"[T]akes a fresh approach in placing the discovery doctrine at the center of analysis of the Lewis and Clark expedition, and he proves an interesting discussion of the explorers' use of rituals and symbols that echoed earlier European practices….[M]iller's legal insights provide a useful contribution to scholarship on Jefferson, Lewis and Clark, the Louisiana Purchase, the Pacific Northwest, American expansionism, and U.S. Indian policy." - American Historial Review

"[P]ersuasive in making his case that a central legal ideology played a crucial role in justifying American assertions of jurisdiction over western territory and Native peoples. Miller convincingly demonstrates that Jefferson understood and applied elements of the doctrine of discovery in the late eighteenth and early nineteenth centuries….[M]iller's legal insights provide a useful contribution to scholarship on Jefferson, Lewis and Clark, the Louisiana Purchase, the Pacific Northwest, American expansionism, and U.S. Indian policy." - American Historical Review

"Robert Miller, in his voluminous work Native America, Discovered and Conquered, very ably and methodically deconstructs the winking inexorableness that permeates narrative history of the American West. In a wholly new and focused voice, Miller traces the Doctrine of Discovery from its European roots through to its present-day ramifications on the land tenure of Native American tribes and resource scarcity issues in the West….What makes Miller's Native America such a compelling read is not only his unique style but also his commitment to original scholarly legal research….To say this book is required reading for those wishing to understand American history is an understatement. Robert Miller has provided an opportunity for readers with varying interests….[t]o gain valuable insight into the interconnected web of religion, conquest, human rights, land and equity….This is an important time for this book to be published, and one can hope that it will be well read." - We Proceeded On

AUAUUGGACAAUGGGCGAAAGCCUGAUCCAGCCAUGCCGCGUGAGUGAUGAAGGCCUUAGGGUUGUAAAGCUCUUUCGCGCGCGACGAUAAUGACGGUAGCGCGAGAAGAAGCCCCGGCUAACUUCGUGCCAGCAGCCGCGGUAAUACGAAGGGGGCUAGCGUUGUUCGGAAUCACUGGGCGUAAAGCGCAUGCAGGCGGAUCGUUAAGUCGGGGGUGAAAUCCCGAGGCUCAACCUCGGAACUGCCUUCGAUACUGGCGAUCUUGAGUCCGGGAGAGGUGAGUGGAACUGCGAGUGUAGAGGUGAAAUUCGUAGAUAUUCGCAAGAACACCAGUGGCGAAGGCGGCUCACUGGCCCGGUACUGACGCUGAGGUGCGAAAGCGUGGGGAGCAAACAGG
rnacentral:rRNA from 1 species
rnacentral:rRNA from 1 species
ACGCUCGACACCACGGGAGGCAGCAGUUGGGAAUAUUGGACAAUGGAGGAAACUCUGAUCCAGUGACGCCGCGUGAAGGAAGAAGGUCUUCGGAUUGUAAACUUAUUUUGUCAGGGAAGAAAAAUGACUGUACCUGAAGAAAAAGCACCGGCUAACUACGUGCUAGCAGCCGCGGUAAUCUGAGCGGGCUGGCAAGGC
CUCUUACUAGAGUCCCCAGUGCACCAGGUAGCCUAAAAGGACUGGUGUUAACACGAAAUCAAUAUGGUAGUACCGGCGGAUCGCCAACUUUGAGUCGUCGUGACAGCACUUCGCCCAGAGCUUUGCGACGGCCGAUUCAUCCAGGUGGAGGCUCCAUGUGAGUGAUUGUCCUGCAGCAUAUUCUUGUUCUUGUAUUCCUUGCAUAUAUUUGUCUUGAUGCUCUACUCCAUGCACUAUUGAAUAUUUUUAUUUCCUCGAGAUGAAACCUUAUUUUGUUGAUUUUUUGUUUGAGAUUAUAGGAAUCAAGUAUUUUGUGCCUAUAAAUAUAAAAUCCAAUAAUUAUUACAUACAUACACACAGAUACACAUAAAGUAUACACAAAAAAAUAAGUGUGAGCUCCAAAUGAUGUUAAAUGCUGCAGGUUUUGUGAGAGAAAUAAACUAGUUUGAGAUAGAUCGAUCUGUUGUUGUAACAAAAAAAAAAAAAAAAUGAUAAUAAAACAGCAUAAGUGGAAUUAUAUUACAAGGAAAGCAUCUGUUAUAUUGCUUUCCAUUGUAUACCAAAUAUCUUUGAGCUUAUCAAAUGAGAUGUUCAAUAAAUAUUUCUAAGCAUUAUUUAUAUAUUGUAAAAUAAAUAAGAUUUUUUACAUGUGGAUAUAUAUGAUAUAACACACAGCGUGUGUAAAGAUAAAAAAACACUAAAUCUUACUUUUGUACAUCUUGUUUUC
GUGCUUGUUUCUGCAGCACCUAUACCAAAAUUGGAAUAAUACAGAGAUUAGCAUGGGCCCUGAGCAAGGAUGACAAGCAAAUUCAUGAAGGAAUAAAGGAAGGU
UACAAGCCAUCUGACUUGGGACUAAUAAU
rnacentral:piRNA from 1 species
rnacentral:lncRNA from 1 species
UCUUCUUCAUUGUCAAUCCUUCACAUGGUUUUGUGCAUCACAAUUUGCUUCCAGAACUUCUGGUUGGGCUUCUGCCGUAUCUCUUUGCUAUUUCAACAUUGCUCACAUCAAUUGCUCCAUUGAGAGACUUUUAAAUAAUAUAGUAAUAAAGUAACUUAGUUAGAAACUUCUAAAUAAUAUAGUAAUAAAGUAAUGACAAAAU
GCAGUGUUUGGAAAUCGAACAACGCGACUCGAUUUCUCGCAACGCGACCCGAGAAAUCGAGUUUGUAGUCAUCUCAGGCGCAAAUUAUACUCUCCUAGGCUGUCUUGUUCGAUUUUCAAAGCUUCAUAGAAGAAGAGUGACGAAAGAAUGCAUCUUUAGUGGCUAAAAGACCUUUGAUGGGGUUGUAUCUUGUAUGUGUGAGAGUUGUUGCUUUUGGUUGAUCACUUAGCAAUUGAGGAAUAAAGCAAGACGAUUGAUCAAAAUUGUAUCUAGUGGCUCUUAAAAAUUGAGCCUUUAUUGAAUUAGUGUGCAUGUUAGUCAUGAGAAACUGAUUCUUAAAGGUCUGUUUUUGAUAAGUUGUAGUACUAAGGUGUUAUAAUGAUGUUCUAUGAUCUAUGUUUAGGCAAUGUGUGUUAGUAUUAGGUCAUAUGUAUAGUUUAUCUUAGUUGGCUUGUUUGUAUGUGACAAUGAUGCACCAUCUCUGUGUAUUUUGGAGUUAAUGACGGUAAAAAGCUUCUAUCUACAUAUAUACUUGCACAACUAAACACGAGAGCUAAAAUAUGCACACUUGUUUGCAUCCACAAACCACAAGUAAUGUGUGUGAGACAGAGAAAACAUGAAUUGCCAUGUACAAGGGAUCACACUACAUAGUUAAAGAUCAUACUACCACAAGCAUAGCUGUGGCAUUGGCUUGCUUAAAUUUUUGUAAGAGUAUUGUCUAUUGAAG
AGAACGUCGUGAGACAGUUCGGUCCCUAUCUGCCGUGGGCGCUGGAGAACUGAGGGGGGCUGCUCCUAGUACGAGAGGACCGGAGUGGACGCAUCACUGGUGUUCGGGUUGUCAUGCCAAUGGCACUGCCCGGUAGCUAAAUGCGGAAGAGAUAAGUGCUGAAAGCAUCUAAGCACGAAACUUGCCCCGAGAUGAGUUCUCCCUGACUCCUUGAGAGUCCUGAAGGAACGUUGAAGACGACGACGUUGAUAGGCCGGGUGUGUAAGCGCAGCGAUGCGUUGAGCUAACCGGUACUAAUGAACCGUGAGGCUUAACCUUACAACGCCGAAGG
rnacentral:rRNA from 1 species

"To say this book is required reading for those wishing to understand American history is an understatement. Miller has provided an opportunity for readers with varying interests from Constitutional law professor to tribal advocate to public lands users of all types to gain valuable insight into the interconnected web of religion, conquest, human rights, land and equity. One comes away from reading Miller's Native America with a meaningful sense of how irresponsible, and illusory, a folly it is to allow a sense of Providence to blindly guide such things as constitutionally protected rights, domestic and foreign policy with other nations and the relationship and dominion over Nature and other nonbelievers. This is an important time for this book to be published, and one can hope that it will be well read." - Journalstar.com (Lincoln, NE)